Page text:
Mechanisms of short-term saccadic adaptation

J Exp Psychol Hum Percept Perform. 1989 May;15(2):249-58. doi: 10.1037//0096-1523.15.2.249.


A number of processes have been identified that adaptively modify oculomotor control components. The adaptive process studied here can be reliably produced over a short period of time by a visual stimulus that forces postsaccadic error. This short-term adaptive process, usually termed parametric adaptation, consists of a change in response amplitude that develops progressively over 50 to 100 training stimuli. The resulting compensation is proportional to, but substantially less than, the error induced by the training stimuli. Both increases and decreases in response amplitude can be evoked by an appropriately timed and directed movement of the stimulus target, which forces postsaccadic error. Results show that a single type of training stimulus can influence movements over a broad spatial region, provided these movements are in the same direction as the training stimulus. Experiments that map the range of modification suggest that the increasing adaptive modification operates by remapping final position, whereas the decreasing adaptive modification is achieved through an overall reduction of gain. Training stimuli that attempt to evoke both increases and decreases in the same region show a net modification equivalent to the algebraic addition of individual adaptive processes.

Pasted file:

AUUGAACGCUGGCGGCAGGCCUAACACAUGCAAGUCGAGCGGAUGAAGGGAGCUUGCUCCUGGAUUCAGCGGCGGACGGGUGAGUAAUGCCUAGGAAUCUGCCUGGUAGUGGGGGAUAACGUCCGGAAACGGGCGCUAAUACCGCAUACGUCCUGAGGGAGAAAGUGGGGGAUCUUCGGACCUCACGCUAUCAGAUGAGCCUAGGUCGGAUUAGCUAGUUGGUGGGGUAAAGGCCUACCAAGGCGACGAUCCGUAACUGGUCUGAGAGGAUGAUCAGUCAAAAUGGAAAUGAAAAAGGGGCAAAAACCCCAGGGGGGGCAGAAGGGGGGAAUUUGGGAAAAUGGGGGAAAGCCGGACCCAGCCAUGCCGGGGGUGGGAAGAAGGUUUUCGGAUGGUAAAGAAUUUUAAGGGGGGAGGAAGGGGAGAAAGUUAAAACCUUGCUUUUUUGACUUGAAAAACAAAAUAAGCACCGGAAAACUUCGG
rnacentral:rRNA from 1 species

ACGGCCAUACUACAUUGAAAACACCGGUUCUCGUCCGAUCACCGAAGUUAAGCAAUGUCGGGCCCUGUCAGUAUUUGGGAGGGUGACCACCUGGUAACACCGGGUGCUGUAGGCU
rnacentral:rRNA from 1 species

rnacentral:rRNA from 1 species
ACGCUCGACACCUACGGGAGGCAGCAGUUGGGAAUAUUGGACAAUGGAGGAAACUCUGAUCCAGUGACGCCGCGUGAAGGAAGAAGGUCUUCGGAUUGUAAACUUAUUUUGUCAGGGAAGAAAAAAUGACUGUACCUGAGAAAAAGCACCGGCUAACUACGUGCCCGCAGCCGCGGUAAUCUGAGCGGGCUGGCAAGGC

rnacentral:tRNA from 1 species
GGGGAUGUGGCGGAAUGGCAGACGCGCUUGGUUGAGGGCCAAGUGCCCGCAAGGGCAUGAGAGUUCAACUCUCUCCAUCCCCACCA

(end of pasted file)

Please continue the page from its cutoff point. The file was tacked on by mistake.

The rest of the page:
Publication types

  • Research Support, Non-U.S. Gov't
  • Research Support, U.S. Gov't, Non-P.H.S.

MeSH terms

  • Adolescent
  • Adult
  • Attention
  • Eye Movements*
  • Humans
  • Reading
  • Saccades*